2. Conner Frankamp

Player Information:

Position: PG/SG

Height: 6ft 1in

Weight: 165

School: Kansas

“Kansas’s secret weapon” was the nickname given to Frankamp when news of his commitment to Kansas was reported. He is ranked 46th in the ESPN Top 100 for the class of 2013, ranked 10th in the nation for his position, but he is definitely one of the top shooting recruits in his class. His ability to shoot from anywhere on the floor is arguably Conner’s greatest asset to his game. The fluidity and near-perfection of his form accounts largely to his shooting success, even at times when he is shooting off-balanced shots to shoot over contesting defenders or out of double teams. His ball-handling skills are the standard for guards everywhere, giving him the ability to blow past defenders, whether by a press at halfcourt or being guarded one-on-one. His wide court vision gives him a sixth sense as to where his teammates are so he can dish it to the cutter, open man, or whoever just happens to be around when he needs to pass out of a drive. That sixth sense is just a branch of his overall high basketball IQ, another critical asset to his game.

How will he translate in college?

With Junior guard Naadir Tharpe returning, and most likely starting at PG this season, Conner will be a backup PG who can provide instant-offense for the second unit. His court vision and IQ, paired with his passing ability, is sure to allow Conner to get his teammates involved more often then not. What Conner needs to improve on in order to survive is improving his defense against bigger and stronger players that could abuse him down the stretch. Other than his defensive struggles, he is fundamentally ready and prepared to take on the college game.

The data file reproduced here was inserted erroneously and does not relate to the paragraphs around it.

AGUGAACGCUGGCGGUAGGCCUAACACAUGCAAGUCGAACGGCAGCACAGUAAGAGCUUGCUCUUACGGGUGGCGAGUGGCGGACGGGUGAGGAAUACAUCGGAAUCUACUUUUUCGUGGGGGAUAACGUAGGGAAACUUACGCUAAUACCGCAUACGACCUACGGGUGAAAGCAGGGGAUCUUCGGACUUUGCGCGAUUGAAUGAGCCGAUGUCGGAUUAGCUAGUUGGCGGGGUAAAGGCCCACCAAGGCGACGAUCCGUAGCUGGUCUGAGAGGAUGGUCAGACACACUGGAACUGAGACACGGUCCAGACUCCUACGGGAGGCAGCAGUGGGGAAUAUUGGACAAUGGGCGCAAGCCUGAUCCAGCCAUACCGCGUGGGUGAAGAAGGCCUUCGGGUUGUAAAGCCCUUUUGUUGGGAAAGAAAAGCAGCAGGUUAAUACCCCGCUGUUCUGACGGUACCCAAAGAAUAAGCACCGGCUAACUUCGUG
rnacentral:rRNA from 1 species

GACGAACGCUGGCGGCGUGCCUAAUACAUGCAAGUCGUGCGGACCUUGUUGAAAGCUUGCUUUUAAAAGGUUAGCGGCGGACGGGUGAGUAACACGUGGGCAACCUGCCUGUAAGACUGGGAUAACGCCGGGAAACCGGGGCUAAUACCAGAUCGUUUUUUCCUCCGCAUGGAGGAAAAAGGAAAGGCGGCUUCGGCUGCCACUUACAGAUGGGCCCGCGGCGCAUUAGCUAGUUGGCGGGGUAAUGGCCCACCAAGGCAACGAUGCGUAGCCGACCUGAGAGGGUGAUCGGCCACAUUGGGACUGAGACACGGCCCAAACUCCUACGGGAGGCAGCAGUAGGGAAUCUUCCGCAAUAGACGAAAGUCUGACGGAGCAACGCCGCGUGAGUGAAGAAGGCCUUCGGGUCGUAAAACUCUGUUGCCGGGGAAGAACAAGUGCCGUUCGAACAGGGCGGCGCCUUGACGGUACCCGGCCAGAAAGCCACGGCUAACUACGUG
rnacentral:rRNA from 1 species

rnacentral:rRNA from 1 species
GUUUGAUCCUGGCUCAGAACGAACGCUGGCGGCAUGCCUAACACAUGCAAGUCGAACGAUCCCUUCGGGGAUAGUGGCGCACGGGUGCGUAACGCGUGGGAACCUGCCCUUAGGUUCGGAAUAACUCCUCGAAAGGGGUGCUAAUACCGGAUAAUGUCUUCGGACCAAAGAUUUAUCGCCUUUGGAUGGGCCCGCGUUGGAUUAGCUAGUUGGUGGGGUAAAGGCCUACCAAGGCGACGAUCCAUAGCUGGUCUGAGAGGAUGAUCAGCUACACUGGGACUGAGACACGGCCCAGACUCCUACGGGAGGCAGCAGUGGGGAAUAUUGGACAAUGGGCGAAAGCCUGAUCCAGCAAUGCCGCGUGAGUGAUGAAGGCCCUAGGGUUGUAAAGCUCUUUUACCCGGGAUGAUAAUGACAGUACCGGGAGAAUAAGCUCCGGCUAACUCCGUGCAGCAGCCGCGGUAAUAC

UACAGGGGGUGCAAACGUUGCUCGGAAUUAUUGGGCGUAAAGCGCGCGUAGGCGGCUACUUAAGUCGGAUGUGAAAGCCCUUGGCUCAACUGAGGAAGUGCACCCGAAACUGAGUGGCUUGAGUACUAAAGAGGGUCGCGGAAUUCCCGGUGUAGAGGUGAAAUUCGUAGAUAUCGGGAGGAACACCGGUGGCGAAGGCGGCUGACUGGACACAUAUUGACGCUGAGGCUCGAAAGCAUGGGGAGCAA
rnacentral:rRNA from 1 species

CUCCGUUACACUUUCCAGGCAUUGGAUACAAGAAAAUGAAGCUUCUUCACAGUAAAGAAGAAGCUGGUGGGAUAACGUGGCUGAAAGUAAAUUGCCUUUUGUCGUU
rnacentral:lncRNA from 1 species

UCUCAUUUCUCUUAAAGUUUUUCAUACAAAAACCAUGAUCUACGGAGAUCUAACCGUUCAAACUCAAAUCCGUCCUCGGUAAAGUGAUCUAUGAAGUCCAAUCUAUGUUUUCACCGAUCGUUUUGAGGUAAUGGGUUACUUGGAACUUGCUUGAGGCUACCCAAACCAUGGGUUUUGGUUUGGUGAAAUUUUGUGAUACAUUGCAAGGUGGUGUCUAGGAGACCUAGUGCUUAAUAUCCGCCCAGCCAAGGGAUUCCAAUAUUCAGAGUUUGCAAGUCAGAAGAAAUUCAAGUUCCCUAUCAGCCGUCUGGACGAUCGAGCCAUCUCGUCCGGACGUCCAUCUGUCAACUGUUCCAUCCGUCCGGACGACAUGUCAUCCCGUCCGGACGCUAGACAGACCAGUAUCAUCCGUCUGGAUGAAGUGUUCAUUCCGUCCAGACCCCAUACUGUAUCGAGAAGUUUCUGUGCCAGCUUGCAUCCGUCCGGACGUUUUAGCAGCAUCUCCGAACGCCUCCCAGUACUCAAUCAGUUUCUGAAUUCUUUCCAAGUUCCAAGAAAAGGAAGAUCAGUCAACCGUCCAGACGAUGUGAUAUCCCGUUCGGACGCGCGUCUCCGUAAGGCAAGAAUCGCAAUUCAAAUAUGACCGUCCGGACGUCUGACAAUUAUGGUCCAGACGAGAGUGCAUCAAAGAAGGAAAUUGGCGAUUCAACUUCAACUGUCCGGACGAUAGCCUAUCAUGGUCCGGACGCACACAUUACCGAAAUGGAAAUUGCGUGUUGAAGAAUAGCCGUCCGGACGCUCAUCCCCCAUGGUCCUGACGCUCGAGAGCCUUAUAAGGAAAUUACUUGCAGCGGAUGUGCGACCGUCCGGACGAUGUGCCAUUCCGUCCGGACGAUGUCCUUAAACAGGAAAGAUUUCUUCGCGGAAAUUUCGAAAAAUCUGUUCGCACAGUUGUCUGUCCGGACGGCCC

3.  Deonte Burton

Player Information:

Position: SF

Height: 6ft 4in

Weight: 215

School: Marquette

Deonte Burton is the perfect example of how to use your body to just bully defenders and power your way through the rim. At 6ft 4in and 215 pounds, Burton just seamlessly drills his way past the blockade of defenders to take it in for the inside score. An interesting aspect of his face-up game is his jab step moves. His spins and fakes from jab steps can be really convincing and take you off your feet if you’re not a disciplined defender. Even as a disciplined defender, you will be kept on your heels and you will be tempted to bite for one of his fakes. His explosiveness off of the jab-step is incredible, part of the success to his drives to the hole. His perimeter shooting is above average, but improvements to his form would help significantly.

As a defender, he is smart and instinctive when it comes to playing the passing lanes.  His shot blocking ability is astounding, but consideration has to be taken that there are huge contrasts between the high school level and college level.  The intangibles are definitely noticeable when you see the heart and focus he plays with, great qualities that will help him gain confidence in the college level.